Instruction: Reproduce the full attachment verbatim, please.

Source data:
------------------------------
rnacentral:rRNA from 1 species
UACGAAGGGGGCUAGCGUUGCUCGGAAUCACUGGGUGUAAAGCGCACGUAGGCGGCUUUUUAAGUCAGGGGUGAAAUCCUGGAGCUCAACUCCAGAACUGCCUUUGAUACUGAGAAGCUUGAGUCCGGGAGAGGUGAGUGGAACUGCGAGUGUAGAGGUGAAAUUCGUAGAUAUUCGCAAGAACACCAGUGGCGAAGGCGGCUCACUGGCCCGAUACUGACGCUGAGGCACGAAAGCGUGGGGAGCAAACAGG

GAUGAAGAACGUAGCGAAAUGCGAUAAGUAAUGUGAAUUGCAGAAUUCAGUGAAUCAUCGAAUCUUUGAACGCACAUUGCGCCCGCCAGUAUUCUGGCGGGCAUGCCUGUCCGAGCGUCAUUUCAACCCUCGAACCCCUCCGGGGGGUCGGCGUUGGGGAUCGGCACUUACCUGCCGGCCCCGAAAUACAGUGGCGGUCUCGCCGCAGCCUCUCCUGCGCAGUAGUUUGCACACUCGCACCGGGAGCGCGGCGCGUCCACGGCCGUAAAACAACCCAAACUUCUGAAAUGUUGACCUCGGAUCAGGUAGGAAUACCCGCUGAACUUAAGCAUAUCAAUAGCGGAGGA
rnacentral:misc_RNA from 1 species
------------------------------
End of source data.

rnacentral:rRNA from 1 species
UACGAAGGGGGCUAGCGUUGCUCGGAAUCACUGGGUGUAAAGCGCACGUAGGCGGCUUUUUAAGUCAGGGGUGAAAUCCUGGAGCUCAACUCCAGAACUGCCUUUGAUACUGAGAAGCUUGAGUCCGGGAGAGGUGAGUGGAACUGCGAGUGUAGAGGUGAAAUUCGUAGAUAUUCGCAAGAACACCAGUGGCGAAGGCGGCUCACUGGCCCGAUACUGACGCUGAGGCACGAAAGCGUGGGGAGCAAACAGG

GAUGAAGAACGUAGCGAAAUGCGAUAAGUAAUGUGAAUUGCAGAAUUCAGUGAAUCAUCGAAUCUUUGAACGCACAUUGCGCCCGCCAGUAUUCUGGCGGGCAUGCCUGUCCGAGCGUCAUUUCAACCCUCGAACCCCUCCGGGGGGUCGGCGUUGGGGAUCGGCACUUACCUGCCGGCCCCGAAAUACAGUGGCGGUCUCGCCGCAGCCUCUCCUGCGCAGUAGUUUGCACACUCGCACCGGGAGCGCGGCGCGUCCACGGCCGUAAAACAACCCAAACUUCUGAAAUGUUGACCUCGGAUCAGGUAGGAAUACCCGCUGAACUUAAGCAUAUCAAUAGCGGAGGA
rnacentral:misc_RNA from 1 species